Like a large part of the country, the temperatures here in New Hampshire dropped to below zero nearly every night last week. The low here at my house was 11 below zero but parts of the state fell to 30 below. Daytime temperatures barely made it to 20 degrees, so there was no melting going on.
Frost ferns were seen on the windows every morning. It often took until noon for them to melt.
The sun peeked through the clouds at times but it was all light and no heat. A thin ray just grazed these milkweed seeds and turned them to gold one cold afternoon.
This section of the Ashuelot River has grown some ice and is down to just a narrow open channel. I wonder if this week’s warmer temperatures will melt it all again.
The Canada geese on the river seem to be getting more used to seeing people. I watched them and took pictures until I thought my fingers might be frozen. On this day the water temperature was probably warmer than the air temperature.
Some parts of the river, like this section north of Keene, have little to no ice on the surface.
But where the ice does grow, it grows thick.
Even our streams have yet to ice over completely. There are many animals that drink from this stream so they’re probably grateful to see some open water. I saw everything from mice tracks to deer tracks along just a short section of stream.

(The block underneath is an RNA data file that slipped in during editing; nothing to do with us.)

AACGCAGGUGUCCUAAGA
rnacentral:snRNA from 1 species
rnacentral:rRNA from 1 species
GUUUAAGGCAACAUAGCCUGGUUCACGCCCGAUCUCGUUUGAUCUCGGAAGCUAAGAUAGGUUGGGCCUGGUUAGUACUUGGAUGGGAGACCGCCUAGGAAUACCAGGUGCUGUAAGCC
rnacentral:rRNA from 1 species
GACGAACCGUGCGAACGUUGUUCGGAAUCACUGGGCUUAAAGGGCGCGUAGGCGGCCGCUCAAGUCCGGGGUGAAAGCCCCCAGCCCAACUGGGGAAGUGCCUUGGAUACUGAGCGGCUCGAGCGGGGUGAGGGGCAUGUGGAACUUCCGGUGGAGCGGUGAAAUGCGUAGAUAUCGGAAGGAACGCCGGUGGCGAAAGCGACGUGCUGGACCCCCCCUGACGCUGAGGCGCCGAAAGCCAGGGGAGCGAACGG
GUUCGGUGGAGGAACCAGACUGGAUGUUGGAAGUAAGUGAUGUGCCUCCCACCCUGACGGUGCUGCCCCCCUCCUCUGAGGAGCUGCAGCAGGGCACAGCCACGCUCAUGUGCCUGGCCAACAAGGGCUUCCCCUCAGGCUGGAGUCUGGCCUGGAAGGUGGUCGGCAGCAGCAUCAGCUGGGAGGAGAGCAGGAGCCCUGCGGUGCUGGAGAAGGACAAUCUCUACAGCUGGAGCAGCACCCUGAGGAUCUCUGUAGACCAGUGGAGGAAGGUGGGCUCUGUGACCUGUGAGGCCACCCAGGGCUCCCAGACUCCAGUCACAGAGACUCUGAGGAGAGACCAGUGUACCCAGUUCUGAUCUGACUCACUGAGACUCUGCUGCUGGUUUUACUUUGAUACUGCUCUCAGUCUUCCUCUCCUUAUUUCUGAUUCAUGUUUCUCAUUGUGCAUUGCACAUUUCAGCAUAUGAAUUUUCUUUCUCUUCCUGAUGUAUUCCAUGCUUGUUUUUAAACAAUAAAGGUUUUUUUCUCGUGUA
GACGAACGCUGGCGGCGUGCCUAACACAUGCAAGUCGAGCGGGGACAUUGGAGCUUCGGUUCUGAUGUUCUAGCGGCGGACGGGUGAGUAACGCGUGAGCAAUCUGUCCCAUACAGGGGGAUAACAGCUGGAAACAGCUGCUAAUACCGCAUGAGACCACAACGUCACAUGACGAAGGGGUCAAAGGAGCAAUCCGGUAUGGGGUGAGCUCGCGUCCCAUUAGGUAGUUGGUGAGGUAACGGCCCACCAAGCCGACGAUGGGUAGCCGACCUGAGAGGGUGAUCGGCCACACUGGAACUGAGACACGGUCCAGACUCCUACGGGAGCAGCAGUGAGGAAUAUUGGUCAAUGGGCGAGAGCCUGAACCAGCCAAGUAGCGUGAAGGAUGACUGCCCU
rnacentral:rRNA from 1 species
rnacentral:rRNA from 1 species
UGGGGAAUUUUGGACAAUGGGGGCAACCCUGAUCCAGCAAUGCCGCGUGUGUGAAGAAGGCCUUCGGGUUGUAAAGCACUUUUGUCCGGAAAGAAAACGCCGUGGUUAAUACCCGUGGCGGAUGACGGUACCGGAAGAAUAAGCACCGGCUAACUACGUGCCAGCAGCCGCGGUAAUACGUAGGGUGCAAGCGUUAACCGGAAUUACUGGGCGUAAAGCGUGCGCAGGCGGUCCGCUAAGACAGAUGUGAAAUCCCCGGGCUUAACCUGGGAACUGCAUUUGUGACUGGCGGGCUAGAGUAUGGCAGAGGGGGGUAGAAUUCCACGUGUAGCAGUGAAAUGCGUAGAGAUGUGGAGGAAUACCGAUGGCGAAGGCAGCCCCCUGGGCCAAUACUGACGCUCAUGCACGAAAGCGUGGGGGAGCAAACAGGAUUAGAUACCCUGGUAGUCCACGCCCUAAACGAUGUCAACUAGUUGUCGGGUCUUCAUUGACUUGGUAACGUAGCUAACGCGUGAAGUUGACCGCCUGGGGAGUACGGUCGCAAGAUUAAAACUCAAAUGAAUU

These leaves stuck on a twig in midstream had all kinds of ice and frost on them.
Some of the stream ice was as clear as crystal…
And some was as white as snow.
Yesterday we saw temperatures above freezing for the first time in over a week and the word is that today might set records with highs in the 50s. And then we might see torrential rain and thunder storms before it gets colder again, so we’re still on the roller coaster ride that is this winter.
Winter either bites with its teeth or lashes with its tail. ~Proverb
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